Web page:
From the Bible
Read Hebrews 11-12:3
Therefore, since we are surrounded by such a great cloud of witnesses, let us throw off everything that hinders and the sin that so easily entangles. And let us run with perseverance the race marked out for us, fixing our eyes on Jesus, the pioneer and perfecter of faith. For the joy set before him he endured the cross, scorning its shame, and sat down at the right hand of the throne of God. Consider him who endured such opposition from sinners, so that you will not grow weary and lose heart.
All Saints Day is part two of the traditional Christian triduum of Hallowmas, preceded by Halloween and followed by All Souls Day.
For the Celtic Christians Hallowmas coincides with the ancient Druid celebration of samhain (SAHW inn) – the beginning of the darker half of the year (winter). This night is known to be, of all days of the year, the thinnest place between the living and the dead. All Soul’s Day (remembering and praying for the departed who haven’t made it to Paradise yet) is on Nov 2 in the Eastern Orthodox and Catholic Churches.
Today is the celebration at the center of it all — All Saints Day, or All Hallows’ (all holy people’s) Day. For Christians still aware of it, today is a day to commemorate all those who went before us, especially the holy people who established and preserved the faith for us. Commemorating the martyrs of the faith with a regular holy-day began as early as the 4th Century but was codified on November 1 in 837. The holiday eventually expanded to include all Christians of the past, and sometimes includes those of the present.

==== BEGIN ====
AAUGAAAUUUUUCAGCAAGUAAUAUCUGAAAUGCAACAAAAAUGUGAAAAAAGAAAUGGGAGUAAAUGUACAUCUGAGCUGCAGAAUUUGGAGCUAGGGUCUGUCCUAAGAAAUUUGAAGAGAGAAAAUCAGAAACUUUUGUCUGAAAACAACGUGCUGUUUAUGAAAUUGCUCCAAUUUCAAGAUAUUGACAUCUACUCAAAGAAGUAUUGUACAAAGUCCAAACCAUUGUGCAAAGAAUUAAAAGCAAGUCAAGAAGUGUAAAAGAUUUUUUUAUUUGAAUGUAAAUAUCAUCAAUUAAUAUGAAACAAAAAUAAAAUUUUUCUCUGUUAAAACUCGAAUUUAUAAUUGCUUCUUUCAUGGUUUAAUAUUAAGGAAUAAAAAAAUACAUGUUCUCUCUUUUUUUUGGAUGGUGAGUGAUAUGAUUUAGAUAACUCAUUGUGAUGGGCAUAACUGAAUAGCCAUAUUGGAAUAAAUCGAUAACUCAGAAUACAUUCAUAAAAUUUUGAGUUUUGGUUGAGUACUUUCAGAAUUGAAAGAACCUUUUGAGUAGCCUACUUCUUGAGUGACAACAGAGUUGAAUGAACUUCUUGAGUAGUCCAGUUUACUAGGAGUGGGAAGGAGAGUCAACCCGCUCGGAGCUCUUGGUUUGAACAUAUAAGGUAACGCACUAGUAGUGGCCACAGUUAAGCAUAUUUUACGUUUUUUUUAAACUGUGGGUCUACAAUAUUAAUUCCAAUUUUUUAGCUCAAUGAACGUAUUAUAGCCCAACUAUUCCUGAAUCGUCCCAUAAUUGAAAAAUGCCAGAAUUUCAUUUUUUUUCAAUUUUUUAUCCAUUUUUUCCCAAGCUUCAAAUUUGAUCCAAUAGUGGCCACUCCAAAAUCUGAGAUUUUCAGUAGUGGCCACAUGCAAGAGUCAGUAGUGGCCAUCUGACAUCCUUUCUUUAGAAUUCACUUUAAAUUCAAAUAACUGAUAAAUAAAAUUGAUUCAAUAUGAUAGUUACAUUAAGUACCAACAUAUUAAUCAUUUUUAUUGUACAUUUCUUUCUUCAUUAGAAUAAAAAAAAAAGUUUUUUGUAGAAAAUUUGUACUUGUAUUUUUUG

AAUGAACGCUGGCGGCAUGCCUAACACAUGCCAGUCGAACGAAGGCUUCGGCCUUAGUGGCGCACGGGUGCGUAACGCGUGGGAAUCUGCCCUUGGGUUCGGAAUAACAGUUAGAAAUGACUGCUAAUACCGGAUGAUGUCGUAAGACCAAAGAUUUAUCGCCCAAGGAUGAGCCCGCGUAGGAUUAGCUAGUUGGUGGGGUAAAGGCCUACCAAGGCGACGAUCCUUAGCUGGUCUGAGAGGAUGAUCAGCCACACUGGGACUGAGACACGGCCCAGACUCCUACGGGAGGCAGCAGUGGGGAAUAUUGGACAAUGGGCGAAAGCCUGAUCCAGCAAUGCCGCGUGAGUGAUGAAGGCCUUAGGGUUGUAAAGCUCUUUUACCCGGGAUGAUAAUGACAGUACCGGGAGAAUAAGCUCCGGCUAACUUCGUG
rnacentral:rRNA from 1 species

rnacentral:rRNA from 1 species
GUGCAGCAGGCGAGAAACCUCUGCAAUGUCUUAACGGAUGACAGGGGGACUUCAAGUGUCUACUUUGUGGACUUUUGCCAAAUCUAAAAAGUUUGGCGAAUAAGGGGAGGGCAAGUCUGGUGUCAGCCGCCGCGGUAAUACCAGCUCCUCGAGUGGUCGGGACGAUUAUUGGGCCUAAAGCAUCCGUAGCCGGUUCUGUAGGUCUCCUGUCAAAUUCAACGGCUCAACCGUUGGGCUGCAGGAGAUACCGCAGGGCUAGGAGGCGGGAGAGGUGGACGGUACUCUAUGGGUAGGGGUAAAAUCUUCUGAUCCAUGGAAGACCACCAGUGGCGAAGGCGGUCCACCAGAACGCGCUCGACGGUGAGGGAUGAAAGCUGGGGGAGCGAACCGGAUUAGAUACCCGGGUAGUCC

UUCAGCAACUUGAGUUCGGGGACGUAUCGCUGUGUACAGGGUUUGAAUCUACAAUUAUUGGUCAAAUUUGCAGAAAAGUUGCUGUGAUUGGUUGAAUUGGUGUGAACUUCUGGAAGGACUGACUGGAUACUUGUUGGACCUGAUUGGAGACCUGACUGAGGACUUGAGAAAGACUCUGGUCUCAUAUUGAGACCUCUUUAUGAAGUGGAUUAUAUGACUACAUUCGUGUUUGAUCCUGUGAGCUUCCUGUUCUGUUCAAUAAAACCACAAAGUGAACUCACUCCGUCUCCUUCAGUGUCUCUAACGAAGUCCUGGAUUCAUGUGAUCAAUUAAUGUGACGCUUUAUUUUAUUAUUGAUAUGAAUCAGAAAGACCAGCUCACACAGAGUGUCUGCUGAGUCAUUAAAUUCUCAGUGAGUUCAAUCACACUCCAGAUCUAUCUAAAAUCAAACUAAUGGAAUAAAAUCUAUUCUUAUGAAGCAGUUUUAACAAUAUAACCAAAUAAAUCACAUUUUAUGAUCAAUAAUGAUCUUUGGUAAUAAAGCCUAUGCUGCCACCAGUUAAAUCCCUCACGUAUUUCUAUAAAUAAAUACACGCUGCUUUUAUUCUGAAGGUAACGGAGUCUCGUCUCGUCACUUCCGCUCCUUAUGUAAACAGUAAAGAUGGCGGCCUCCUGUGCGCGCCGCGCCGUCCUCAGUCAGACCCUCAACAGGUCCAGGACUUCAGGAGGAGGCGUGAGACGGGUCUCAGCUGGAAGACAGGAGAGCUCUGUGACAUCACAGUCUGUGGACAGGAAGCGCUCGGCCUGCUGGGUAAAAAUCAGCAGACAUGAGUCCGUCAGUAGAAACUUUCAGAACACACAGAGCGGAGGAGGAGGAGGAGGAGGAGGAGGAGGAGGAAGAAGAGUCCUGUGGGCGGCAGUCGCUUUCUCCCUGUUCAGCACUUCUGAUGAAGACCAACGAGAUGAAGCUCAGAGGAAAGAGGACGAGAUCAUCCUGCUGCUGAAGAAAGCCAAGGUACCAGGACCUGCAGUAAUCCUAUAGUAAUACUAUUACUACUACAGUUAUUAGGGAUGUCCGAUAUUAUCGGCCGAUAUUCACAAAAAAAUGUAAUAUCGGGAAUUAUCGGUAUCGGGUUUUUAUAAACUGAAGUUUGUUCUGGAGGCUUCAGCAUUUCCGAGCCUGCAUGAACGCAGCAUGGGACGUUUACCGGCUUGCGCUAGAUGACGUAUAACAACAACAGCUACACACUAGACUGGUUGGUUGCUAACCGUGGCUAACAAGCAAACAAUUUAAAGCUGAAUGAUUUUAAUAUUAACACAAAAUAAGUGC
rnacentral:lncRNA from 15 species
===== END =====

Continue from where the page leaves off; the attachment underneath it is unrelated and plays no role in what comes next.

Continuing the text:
Celebrations and observances vary. In Mexico as well as in a growing number of places around the world, honoring the dead through mass visitations of grave sites and preparation of favorite food of the deceased, guising, and going door to door for candy/presents/money are traditions that mark a similar festival for El Día de los Muertos (the Day of the Dead). For some, today is a day to remember and honor the children and infants who have died. Across Europe, lighting candles at graves or at home, singing particular hymns are typically part of the remembrance. Flowers, especially marigolds, typically are used to decorate memorials or alters.
We have a chance today not only to remember those heroes of the faith (like in Hebrews 11), but to remember beloved saints we have lost. It is a good day to look back and show honor and respect as well as to mourn. We remember all the saints who don’t have a specific feast day. We remember the spiritual ancestors who inspire us on our journey. We remember the partners in our church as well as members of our extended Christian family who have died.